A truck carries new cars in the port of Veracruz, Mexico.
Susana Gonzalez | Bloomberg | Getty Images
Honda boss Henio Arcangeli fears that President Donald Trump's recent proposal to impose a 5 percent tariff on car imports from Mexico will deter some Americans from cars when car prices are close to record highs.
] "Tariffs will be a problem for us and everyone else in the industry," Arcangeli said in an interview. Like many US and foreign automakers, Honda imports most of its US-bound cars from its production facilities in Mexico. The company imported 1
The North American Free Trade Agreement opened borders in the early 1990s between the US, Mexico and Canada, paving the way for an international automotive industry between the three nations. Today, Mexico is one of the largest car producing countries in the world, and cars and car parts are the single largest exports to the US by value.
Approximately 2.6 million vehicles shipped north of the border in 2018 According to INEGI data over $ 93 billion after just 1.33 million vehicles in 2011. That's about 15% of the total of 17.30 million vehicles sold in the states last year.
Trump uses tariffs to pressure the Mexican government to stem illegal immigration beyond the southern border. He threatens to impose tariffs of 5% on 10 June and "will gradually increase until the problem of illegal immigration is resolved, at which point the tariffs will be abolished," Trump said in a tweet. Subject to a decision, tariffs will rise to 25% by 1 October, which could mean more than $ 10,000 per vehicle for some cars and light trucks manufactured in Mexico, he said.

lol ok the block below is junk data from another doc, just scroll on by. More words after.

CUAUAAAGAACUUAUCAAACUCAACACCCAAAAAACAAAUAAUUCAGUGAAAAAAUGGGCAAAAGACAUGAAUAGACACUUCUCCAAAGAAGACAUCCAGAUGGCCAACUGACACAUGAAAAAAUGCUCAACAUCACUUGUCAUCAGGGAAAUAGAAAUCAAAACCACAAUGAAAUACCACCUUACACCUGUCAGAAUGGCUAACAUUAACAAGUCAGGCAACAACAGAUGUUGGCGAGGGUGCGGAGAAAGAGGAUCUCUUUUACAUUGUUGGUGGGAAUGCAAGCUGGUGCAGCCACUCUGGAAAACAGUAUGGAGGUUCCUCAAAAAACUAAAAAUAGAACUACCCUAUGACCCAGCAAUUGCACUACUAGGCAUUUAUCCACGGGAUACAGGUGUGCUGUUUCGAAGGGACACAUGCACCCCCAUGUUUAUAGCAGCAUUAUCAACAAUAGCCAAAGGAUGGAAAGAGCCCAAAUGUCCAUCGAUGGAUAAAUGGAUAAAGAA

Approaching a Ford Motor Co. vehicle A checkpoint before being loaded onto a ship for export on Thursday, August 29, 2013, at the port of Veracruz, Veracruz, Mexico.
Susana Gonzales | Bloomberg | Getty Images
"Here's what you have to think about, inch equals tax hike," said Paul Ingrassia, a Pulitzer-winning auto journalist now working with the Revs Institute on CNBC Friday The US – including those with foreign brand names such as Toyota, Honda, Mercedes-Benz and Hyundai – would be affected by the tariffs if no solution were found before they take effect in less than two weeks. American assembly plants use on a large scale a considerable number of Mexican parts and components, such as wire harnesses, which are of little value or have a high workload. About 70% of the harnesses used in the US are from Mexico.
According to the US Census Bureau, these auto parts and components total $ 99.6 billion.
Even at 5% According to Joe Phillippi, head of AutoTrends Consulting, the additional tariff "could potentially affect business, especially for marginal buyers," and the cost of a typical Mexican-made Ram 1500 or Chevrolet Silverado -Pickup increase by about $ 1,500. That would be fivefold if the tariffs were not abolished by October. With some pickups and other Mexican imports in excess of $ 50,000 a piece, tariffs could add $ 10,000 or more – or force manufacturers to lose a large part of their profit margins.